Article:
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Passport & Plate - Bourekia (The wonder of Cypriot 'anari' cheese)

Cyprus | Tuesday, 11 March 2014 | 5 photos

1 teaspoon cinammon
5 tablespoons sugar
1 tablespoon rosewater or orange blossom water
500g ‘anari’ cheese (= Cypriot sheep’s milk soft cheese, ricotta can be used as a substitute)

1 kg hard (bread) flour
Pinch of salt
1 tablespoon sugar
800 ml water
160 ml sunflower oil

To serve:
Sugar or honey


How to prepare this recipe
Sieve the flour in a bowl, add the salt and sugar then pour in the sunflower oil and mix together with your hands. Slowly add the water and knead until it has a pizza dough texture (soft but not sticky). Leave to rest for twenty minutes.

For the filling, mix the anari cheese with the cinnamon, rosewater and sugar, adding more depending on your tastebuds.

On a well-floured board, take handful-sized sections of the dough, rolling each section out with a rolling pin into a rectangular shape. Then with equal space between them, place a tablespoon of the cheese mixture on to the dough horizontally along the top part of the rectangle, then take the bottom part of the rectangle and pull the dough over the cheese portions so the dough rectangle is now folded in half. Then with a pastry cutter, cut along the two ends of the rectangle and then between each covered cheese parcel. Then press the sides with a fork to seal the parcels. Continue until all of the cheese is used and your bourekia are now ready for frying!

Then in a deep pan of oil with the bourekia covered, fry them until they show an even, golden colour and then place on greaseproof paper. Sprinkle with extra sugar or honey on top and serve.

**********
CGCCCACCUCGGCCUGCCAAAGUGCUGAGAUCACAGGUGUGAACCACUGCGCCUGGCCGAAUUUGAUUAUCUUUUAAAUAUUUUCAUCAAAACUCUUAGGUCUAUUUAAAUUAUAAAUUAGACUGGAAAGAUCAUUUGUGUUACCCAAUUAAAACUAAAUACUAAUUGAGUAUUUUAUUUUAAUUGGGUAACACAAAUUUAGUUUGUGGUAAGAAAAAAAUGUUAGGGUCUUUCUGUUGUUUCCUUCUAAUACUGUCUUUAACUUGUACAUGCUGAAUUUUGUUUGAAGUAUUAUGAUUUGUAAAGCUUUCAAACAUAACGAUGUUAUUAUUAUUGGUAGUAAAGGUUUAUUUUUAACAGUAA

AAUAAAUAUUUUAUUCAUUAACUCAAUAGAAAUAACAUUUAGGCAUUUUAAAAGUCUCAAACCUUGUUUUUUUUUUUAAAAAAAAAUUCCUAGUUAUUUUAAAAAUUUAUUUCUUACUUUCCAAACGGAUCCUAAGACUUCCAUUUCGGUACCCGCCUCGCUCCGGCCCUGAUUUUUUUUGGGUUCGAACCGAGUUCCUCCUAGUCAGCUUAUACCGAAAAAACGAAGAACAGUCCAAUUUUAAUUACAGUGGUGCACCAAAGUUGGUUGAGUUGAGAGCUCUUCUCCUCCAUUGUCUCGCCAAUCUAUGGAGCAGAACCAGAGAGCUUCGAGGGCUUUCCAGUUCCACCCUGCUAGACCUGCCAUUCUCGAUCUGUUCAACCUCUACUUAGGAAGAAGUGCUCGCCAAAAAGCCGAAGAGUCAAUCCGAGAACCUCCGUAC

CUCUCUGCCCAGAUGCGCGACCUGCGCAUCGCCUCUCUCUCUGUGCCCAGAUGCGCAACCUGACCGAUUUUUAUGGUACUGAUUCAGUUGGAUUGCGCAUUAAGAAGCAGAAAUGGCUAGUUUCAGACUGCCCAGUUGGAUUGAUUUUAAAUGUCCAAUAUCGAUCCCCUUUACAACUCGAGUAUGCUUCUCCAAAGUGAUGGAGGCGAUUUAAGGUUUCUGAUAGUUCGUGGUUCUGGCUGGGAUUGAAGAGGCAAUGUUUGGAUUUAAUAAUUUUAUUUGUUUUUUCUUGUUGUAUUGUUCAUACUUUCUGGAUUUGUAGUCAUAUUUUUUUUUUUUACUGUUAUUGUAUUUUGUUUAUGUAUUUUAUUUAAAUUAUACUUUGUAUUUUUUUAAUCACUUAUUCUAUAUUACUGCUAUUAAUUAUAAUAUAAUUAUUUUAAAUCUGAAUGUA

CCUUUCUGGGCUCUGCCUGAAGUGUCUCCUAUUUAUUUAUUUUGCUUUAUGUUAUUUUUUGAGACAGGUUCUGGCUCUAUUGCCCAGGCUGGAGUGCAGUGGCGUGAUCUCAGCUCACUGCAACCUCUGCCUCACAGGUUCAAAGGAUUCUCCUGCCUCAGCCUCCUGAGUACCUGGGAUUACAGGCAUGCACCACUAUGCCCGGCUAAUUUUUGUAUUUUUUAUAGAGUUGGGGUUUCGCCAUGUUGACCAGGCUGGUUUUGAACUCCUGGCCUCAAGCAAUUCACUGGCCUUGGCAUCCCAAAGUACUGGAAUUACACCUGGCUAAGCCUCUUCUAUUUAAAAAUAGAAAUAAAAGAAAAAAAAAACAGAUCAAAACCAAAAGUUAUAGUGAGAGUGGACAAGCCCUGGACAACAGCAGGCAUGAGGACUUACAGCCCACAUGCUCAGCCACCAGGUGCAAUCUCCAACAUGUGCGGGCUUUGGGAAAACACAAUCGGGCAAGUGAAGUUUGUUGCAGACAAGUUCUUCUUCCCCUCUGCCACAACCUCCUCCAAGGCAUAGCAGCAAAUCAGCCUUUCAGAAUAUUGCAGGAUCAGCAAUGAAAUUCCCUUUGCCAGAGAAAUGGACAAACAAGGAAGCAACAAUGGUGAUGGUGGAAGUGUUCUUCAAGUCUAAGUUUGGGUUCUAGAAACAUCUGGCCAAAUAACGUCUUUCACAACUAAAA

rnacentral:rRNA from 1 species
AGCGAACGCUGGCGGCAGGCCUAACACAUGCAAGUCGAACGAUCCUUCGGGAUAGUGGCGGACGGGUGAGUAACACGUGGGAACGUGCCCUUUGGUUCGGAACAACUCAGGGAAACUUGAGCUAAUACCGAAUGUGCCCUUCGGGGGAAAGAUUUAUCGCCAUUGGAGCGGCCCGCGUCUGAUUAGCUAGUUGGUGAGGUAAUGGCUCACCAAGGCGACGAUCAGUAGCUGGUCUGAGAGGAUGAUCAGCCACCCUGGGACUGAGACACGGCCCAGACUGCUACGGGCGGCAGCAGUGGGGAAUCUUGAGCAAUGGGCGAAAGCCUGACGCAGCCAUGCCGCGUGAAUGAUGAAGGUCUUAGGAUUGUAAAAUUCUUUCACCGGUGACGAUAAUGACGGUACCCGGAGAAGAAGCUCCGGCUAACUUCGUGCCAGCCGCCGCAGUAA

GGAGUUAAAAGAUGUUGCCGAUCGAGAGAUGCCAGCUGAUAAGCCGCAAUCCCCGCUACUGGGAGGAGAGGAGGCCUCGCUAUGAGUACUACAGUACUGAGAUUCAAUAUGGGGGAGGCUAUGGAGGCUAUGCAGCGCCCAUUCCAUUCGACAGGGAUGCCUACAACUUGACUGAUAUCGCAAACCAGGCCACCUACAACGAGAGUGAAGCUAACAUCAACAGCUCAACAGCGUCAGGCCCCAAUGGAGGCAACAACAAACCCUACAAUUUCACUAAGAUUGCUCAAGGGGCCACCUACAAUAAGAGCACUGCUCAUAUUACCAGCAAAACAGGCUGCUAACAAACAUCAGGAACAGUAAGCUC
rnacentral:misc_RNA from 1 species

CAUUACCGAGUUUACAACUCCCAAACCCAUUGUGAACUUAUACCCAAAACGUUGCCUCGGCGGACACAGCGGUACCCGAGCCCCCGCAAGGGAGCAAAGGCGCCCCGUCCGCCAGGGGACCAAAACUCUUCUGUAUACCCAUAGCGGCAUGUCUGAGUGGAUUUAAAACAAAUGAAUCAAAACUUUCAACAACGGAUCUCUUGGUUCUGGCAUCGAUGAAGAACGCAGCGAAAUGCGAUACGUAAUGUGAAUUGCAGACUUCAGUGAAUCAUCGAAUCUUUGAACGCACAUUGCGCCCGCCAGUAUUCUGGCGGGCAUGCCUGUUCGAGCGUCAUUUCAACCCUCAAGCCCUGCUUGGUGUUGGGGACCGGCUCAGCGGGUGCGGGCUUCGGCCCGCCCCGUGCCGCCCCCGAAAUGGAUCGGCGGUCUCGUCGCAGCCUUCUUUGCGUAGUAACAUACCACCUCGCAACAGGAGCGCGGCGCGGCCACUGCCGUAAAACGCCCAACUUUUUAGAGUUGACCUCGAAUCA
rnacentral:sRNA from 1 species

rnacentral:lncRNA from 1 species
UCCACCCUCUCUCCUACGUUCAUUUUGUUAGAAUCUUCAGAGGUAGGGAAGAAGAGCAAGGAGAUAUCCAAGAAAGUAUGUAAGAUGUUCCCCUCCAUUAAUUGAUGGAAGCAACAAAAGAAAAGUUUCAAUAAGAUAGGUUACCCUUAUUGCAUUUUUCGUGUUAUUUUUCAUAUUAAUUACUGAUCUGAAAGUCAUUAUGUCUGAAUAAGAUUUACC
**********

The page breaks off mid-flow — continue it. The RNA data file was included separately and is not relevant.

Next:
The story behind this recipe
Aside from being one of my favourite desserts, I chose bourekia because it is a recipe unique to Cypriot cooking but also a tradition that correlates with the island’s culture.

Bourekia are usually prepared during ‘Tyrini’ or ‘The Week of Cheese’, which is the seven days before the start of Lent, in which families traditionally consumed their dairy products stored at home before beginning the 40-day fasting period for Easter.

Upon moving to Cyprus from the United Kingdom at the age of seven, I soon discovered the history surrounding bourekia-making. Visiting my great-grandmother Cleo in the village, I learned that bourekia was one of the few available desserts because with very little supplies at home and no supermarket in sight for miles, the villagers relied on the milk of their sheep and goats to make various sweets. Tyrini coincides with the Carnival festivities that precede Lent so every year, whilst I watched Yiayia Cleo roll out the pastry, local children would turn up at the house, dressed in masks and costumes, sometimes putting coal on their faces for extra effect and my grandmother would hand out bourekia for them to eat. Today bourekia are made all year round and remain a popular afternoon snack to accompany Cypriot coffee. They are commonly served to impress guests when invited to one's household.

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